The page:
If the article was asking for suggestions as to the best way to cook and eat ribs, I would understand your comment more. In the first line, Sophia says “…I get the biggest craving for American style ribs”. No one is forcing you to cook or eat them in the American style, or suggesting that eating them in this way should be an every day event.

rosscoact 11:34 am 25 Jan 16

You’re right John, the American stuff changes something inherently unhealthy into the opposite. They will add honey and butter too, just because it’s not sweet or fatty enough. However, notwithstanding the coronary overload and their inability to leave well-enough alone, there are good reasons behind the design of their flavourings.

In my opinion, the Australian palate is much more attuned to South East Asian flavourings, lime juice, lemongrass, birdseye chilli, palm sugar, soy, kepak manis, fish sauce, szechuan and white pepper, ginger, coriander seed and root, rice wine and vinegar, galangal, tumeric, etc.

Using the same techniques as the Americans but with the ban asian ingredients gives a wonderful but lighter outcome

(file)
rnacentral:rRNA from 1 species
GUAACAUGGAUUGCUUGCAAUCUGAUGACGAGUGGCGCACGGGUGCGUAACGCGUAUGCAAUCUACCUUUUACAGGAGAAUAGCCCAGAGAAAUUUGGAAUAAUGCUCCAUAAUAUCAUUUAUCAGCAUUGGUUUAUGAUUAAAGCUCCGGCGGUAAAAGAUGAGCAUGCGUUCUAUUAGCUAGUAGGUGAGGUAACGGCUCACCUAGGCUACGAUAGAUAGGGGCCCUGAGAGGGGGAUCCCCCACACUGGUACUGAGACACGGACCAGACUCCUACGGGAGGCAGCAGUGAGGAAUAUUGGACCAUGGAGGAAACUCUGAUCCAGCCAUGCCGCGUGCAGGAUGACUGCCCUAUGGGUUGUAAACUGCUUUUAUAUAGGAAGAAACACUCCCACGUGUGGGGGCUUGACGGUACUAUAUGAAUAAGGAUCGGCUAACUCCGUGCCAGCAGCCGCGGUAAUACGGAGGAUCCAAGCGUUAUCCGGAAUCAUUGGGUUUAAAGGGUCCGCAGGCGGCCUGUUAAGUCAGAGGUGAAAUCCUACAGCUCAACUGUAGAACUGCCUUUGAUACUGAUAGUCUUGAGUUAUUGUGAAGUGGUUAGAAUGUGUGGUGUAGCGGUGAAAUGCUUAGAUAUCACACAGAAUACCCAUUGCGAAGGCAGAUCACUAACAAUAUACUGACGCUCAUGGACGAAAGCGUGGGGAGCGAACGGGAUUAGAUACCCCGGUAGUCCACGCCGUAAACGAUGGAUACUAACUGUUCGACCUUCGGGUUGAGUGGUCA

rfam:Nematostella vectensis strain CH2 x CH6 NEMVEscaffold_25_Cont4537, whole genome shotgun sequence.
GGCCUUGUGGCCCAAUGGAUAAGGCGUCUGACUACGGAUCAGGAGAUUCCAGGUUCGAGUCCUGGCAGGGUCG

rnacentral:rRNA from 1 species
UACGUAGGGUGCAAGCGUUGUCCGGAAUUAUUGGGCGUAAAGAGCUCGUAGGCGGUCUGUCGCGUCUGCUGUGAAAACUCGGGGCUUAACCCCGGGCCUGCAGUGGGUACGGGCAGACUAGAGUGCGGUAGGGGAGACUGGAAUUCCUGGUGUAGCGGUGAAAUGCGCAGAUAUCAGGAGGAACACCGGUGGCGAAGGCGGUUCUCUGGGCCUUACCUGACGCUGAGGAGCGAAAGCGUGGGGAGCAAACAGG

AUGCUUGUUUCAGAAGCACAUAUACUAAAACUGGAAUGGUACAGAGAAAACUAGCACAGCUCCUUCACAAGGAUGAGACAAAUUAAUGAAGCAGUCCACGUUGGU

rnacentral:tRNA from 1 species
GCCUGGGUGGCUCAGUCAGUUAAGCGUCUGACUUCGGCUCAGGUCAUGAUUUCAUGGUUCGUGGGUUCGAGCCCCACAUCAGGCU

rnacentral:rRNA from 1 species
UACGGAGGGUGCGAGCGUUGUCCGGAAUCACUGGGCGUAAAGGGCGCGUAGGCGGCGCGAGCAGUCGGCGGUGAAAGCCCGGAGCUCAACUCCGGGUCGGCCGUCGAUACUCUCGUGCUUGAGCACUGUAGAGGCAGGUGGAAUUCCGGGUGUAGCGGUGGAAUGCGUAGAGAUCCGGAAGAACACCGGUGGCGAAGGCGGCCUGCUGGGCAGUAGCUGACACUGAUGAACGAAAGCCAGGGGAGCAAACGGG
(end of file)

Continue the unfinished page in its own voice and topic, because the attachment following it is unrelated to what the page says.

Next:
fabforty 9:43 am 25 Jan 16

Thanks John. I’ll try that.

I always feel slightly ill when I see what Americans do to some food.

Ezy 8:39 am 25 Jan 16

For the true american style – these will benefit being cooked over charcoal. A little tip for those that don’t have access to a smoker or a weber. Get some smoking wood chips (bunnings will have some or if you are feeling adventurous, get some native wood) – soak them for about 30 minutes and put them on a square of aluminium foil – wrap it up like a little pocket, poke some holes in it with a fork at the top of the pocket then throw it in the bbq when you are pre heating. By about 15 minutes you should have some smoke. Chuck your meat on, cover and you should have that nice kiss of smoke by the time the meat has been cooked.

Another thing with ribs is they will have a membrane on the side that doesn’t have the bulk of the meat. If you leave this on you will end up with a chewy layer. Ask your butcher to take this off for you, or you can peel it off yourself prior to cutting up the ribs into serving sizes (before cooking).

Try a coffee rub next time for something a little less sweet.

John Moulis 12:00 pm 24 Jan 16

I get a bit upset that whenever anybody mentions ribs they immediately think of this type of unhealthy presentation with brown sugar, tomato and barbecue sauce (which are full of sugar as well) and – God give me strength – Bourbon. Ribs don’t have to be unhealthy and fattening at all. Instead of pouring this type of junk over them, simply sprinkle ground pepper and lemon pepper seasoning on them, squeeze some lemon on them, spray canola oil on them then cook in convection oven for 25 minutes, turn them over then cook a further 15 minutes. Forget the Americans and their heart attack grills.